Tokyo 2020: Naomi Osaka ‘not sure’ Olympics should happen amid rise in Covid-19 cases

 Tokyo 2020: Naomi Osaka ‘not sure’ Olympics should happen amid rise in Covid-19 cases

Naomi Osaka says rising Covid-19 levels in Tokyo are a “big cause for concern” and she is “not really sure” the Olympics should go ahead this summer.


Tokyo is under a state of emergency amid a surge in cases, 10 weeks from the start of the rescheduled Games on 23 July.

Japanese world number two Osaka would be making her Olympic debut in Tokyo.

“I’m an athlete, and of course my immediate thought is that I want to play in the Olympics,” she said.

“But as a human, I would say we’re in a pandemic, and if people aren’t healthy, and if they’re not feeling safe, then it’s definitely a really big cause for concern.”

When asked by BBC Sport if it would be appropriate to stage the Games during a pandemic, the 23-year-old said: “To be honest, I’m not really sure.”

The Olympics will take place without international fans, while a decision on whether local fans can attend the Games will be made in June.

“I’ve never played an Olympic event, so it’s not like I would have anything to compare it to,” four-time Grand Slam champion Osaka said.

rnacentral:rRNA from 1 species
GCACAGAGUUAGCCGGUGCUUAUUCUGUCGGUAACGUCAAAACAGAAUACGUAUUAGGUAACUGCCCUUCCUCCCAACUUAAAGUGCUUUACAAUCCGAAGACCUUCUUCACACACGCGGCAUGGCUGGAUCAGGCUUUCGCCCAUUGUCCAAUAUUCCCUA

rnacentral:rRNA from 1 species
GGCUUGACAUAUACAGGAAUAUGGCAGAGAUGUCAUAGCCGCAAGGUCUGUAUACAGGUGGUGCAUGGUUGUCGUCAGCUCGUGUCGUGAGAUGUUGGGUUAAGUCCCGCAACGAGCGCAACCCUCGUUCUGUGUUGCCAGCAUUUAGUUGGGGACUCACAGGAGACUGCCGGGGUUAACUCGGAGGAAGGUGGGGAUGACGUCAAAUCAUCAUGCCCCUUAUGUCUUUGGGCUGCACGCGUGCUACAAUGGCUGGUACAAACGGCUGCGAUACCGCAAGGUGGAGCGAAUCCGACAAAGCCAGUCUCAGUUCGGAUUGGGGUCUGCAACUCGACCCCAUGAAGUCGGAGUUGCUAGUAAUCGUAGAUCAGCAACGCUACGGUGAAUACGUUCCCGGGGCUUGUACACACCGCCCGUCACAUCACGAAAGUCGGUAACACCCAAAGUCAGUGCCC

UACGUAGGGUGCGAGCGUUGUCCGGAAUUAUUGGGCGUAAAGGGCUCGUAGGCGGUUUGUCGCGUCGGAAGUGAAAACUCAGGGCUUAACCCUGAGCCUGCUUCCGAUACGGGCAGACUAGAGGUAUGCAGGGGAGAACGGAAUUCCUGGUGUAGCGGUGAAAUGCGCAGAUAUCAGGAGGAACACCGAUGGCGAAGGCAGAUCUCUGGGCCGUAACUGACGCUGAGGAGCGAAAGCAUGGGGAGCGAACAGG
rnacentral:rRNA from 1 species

“I would feel, of course, definitely a bit sad, but at the end of the day, it’s an honour to play in the Olympics in the first place and if that’s what keeps people healthy, then I’m up for [playing behind closed doors].”

Japan’s top-ranked men’s player Kei Nishikori, speaking at the Italian Open, also said he was concerned about the Games being staged.

“This is not like 100 people like [we have at] these tournaments,” he said in Rome on Monday. “It’s 10,000 people in an Olympic Village.

“I don’t think it’s easy, especially with what’s happening right now in Japan; it’s not doing good.”

World number 45 Nishikori, who won bronze in the men’s singles at Rio 2016 Olympics, said he is wary about a possible outbreak in the Village, a high-rise apartment complex in downtown Tokyo.

“You can make a good bubble and maybe you can do it,” he said. “There is some risk too. What happens if there are 100 cases in the Village? Or it can be thousands.”

Williams undecided over Tokyo

Meanwhile, 23-time Grand Slam champion Serena Williams has raised doubts over her participation in the Tokyo Olympics.

Williams, who has won one singles and three doubles Olympic gold medals, is hesitant to spend time away from her three-year-old daughter, Olympia.

“I haven’t spent 24 hours without her, so that kind of answers the question itself,” said the American, 39.

“I haven’t really thought much about Tokyo, because it was supposed to be last year and now it’s this year, and then there is this pandemic and there is so much to think about.

“Then there are the Grand Slams. It’s just a lot. So I have really been taking it one day at a time to a fault, and I definitely need to figure out my next moves.”

Williams, ranked eighth in the world, is scheduled to play at this week’s Italian Open, her first tournament since losing to eventual champion Osaka in the semi-finals of the Australian Open in February.

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